The St. Louis Cardinals enter the month of May with a less than stellar 15-14 record. For most teams, finishing any month over .500 would be considered a success – for a team like the Cardinals (who are expected to contend for the World Series), it’s not quite good enough. The pitching staff has come out firing, ranking 4th in Major League Baseball in ERA. On the other hand, the offense has struggled mightily, ranking 25th in the league in runs scored. It’s important to point out that the Cardinals have only played 12 of their 29 games at home, which will work to their advantage as the season progresses. Additionally, one month into the season is far too early to start getting concerned – case in point the 2004 Cardinals started the year 18-18 and went on to win over 100 games that season.
Here are my thoughts on how the Cardinals are looking at the moment:
1. Adam Wainwright – Has there been a more dominant pitcher in all of baseball? Wainwright leads the league with 5 wins and has been nearly unhittable, allowing only 24 hits and 6 earned runs in 45 innings (1.20 ERA). The Cardinals’ ace is also striking out batters at a career-high rate, already with 42 through his first six starts. Wainwright hasn’t even given up a run since April 12 vs. the Chicago Cubs, currently riding a 24 inning scoreless streak. Wainwright has had some rough luck in regards to the National League Cy Young award over the years but 2014 looks very promising.
2. Allen Craig – Craig had arguably his worst three-week stretch of any point in his career to begin the year. He was filling the stat sheet with strikeouts and even when contact was made, it was typically a weak grounder or popup. Cardinals’ manager Mike Matheny tried moving him all around the lineup (out of his accustomed cleanup spot) with little results. It finally appears as though Craig is ready to break out and regain that all-star level form the league has seen the last few years. In the last four games, Craig is 8-17 with 2 home runs, 2 doubles, and a triple. He is clearly getting locked in which is great news for Cardinal fans and bad news for the rest of the National League.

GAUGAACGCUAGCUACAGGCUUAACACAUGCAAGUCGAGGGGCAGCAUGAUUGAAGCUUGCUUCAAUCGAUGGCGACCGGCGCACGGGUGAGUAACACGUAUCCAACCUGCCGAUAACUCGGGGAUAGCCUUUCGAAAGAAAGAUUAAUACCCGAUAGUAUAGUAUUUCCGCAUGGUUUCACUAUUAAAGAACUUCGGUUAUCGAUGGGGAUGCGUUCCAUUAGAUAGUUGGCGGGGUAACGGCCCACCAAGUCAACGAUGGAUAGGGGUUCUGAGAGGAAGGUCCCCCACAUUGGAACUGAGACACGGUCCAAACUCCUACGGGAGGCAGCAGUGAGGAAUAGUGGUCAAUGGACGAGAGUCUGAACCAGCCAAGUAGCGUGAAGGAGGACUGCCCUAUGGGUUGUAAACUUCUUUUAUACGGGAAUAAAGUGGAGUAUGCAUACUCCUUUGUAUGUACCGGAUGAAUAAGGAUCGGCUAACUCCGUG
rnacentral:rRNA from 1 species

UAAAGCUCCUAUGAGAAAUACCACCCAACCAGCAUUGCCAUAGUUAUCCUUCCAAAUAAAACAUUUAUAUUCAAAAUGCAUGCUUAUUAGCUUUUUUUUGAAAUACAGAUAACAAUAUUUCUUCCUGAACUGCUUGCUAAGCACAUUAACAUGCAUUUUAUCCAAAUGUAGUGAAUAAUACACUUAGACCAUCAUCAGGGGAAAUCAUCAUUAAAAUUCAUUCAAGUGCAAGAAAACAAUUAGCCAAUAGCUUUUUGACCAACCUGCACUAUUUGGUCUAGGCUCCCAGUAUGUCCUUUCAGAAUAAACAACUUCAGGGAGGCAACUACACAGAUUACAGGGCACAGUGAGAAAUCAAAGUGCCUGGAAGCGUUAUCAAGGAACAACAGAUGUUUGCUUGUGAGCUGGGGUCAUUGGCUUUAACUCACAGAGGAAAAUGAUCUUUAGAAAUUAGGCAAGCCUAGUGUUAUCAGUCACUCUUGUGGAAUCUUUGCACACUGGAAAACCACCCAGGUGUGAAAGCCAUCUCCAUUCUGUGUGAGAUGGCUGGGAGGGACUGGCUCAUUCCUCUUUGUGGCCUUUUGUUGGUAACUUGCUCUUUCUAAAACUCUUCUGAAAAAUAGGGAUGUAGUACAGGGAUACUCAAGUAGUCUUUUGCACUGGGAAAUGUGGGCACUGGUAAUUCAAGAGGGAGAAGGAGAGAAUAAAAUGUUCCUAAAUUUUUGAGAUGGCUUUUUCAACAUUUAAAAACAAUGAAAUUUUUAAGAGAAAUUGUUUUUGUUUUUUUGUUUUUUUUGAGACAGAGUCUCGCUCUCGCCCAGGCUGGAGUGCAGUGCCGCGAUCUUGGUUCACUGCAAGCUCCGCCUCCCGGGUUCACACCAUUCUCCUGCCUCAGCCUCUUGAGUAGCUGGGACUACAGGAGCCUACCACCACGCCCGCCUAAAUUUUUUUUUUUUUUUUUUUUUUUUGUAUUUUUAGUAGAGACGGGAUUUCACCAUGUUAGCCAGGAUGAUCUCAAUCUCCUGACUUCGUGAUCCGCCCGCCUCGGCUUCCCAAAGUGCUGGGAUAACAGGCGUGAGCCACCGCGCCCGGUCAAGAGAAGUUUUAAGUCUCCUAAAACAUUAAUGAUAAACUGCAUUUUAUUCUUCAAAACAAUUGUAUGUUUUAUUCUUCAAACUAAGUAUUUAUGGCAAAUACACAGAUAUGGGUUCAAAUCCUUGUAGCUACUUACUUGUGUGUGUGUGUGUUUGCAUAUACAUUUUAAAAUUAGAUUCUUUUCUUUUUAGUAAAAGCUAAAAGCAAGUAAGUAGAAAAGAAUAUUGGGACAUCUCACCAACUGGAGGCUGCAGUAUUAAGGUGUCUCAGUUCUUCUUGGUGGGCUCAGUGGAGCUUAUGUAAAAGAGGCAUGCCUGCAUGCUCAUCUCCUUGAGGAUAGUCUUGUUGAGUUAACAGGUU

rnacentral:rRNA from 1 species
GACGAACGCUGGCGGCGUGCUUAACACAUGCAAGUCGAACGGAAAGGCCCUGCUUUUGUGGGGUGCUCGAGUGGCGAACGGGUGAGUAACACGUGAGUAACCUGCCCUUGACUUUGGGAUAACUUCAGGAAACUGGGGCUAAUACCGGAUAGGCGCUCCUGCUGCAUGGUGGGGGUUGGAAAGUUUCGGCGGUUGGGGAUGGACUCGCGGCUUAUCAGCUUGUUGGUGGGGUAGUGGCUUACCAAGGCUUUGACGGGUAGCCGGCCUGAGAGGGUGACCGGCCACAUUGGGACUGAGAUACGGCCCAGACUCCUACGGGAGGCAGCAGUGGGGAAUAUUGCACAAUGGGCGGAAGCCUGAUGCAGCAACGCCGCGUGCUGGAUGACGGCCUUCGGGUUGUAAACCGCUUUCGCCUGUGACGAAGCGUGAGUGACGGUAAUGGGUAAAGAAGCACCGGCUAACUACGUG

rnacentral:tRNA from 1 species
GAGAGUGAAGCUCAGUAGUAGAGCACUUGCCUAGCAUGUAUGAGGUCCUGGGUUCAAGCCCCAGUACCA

3. Oscar Taveras – According to BaseballProspectus.com, Oscar Taveras has been a top 3 prospect in all of baseball the last two years. He is currently tearing up the minors with a .322/.378/.544 line to go along with 5 home runs and 17 RBI’s. The Cardinals’ offense has been struggling all season long so it’s fair to wonder why Taveras hasn’t been called up yet. He is a left-handed hitting power threat – the one thing Cardinals’ lineup has been seeking for years now. He can play left field or centerfield, which gives them some flexibility and the opportunity to give him at bats in St. Louis. Taveras is currently riding a 14-game hitting streak in Memphis and the organization would be smart to finally call up him – he’s more than ready.
1. Peter Bourjos – Bourjos was traded from the Los Angeles Angels of Anaheim to the St. Louis Cardinals as part of a four-player deal last November that sent 2011 World Series hero (and St. Louis native) David Freese out west. The assumption was that Bourjos would establish himself immediately with the club and be the everyday centerfielder – that didn’t happen. Bourjos is hitting just .160 on the year and has 17 strikeouts in 50 at bats. To put things in perspective, note that Bourjos doesn’t even have a hit since April 15 (albeit in limited playing time). Jon Jay has been heating up lately for the Cardinals, which leaves Bourjos as nothing more than a bench player at the moment.
2. Kolten Wong – A player being demoted to the minors certainly qualifies as a disappointment, especially when it’s a highly touted prospect. Wong was expected to take over the second base duties for this season and beyond but struggled out of the gate posting a .225/.276/.268 line to start his rookie season. I do not often disagree with any decision the Cardinals’ organization makes but this is an exception. Cardinal fans will have a hard time believing that starting a 36-year-old Mark Ellis is going to be more beneficial in the long-term than 23-year-old Wong whom the franchise has high hopes for. Hopefully the thinking here is that Wong can find his swing in Memphis and be called back up in the near future.
3. Trevor Rosenthal – At first glance, Rosenthal appears to be having an effective start to the season with 7 saves/0 blown saves. Those who follow the Cardinals’ closely know this is not the case, as he has yet to look anything like the pitcher who dominated the competition in last year’s playoff run. The ERA is alarming (4.73) but the control has been the biggest issue thus far for the Cardinals’ closer (8 walks in 13.1 innings). The velocity has been a bit down for Rosenthal as well (mid 90′s as opposed to high 90′s/low 100′s) but has shown signs of life lately. When he is on his game, you will be hard pressed to find many closers who can dominate the end of a game more than Rosenthal – let’s hope he can return to level as the season goes on.
Tags: St Louis Cardinals